Dynamic processes in dielectric glasses at low temperatures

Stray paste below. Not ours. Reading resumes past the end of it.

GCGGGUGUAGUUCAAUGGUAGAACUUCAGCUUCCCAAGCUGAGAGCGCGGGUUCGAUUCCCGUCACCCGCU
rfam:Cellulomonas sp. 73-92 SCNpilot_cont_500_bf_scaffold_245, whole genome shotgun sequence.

The behavior of dielectric glasses at low temperatures when acted on by electric and acoustic fields is discussed. The anomalous low-temperature behavior of the heat conductivity and the heat capacity is described. A phenomenological model of two-level systems in glasses arising from tunneling transitions is presented. Results are given of the experimental and theoretical studies of the phenomena of saturation, induced transparency of the medium by application of acoustic and electric pulses, and ``hole-burning'' in an inhomogeneously broadened line. Considerable attention is paid to discussing the experimental results on generation of coherent responses of echo signals. In order to describe the formation of phonon-echo signals in glasses, the concept is employed of spectral diffusion, which consists of a dynamic alteration of the resonance frequency. We stress both the aspects of the properties that are common with the phenomena of magnetic resonance, and the differences that arise owing to the broad spectrum of the two-level systems.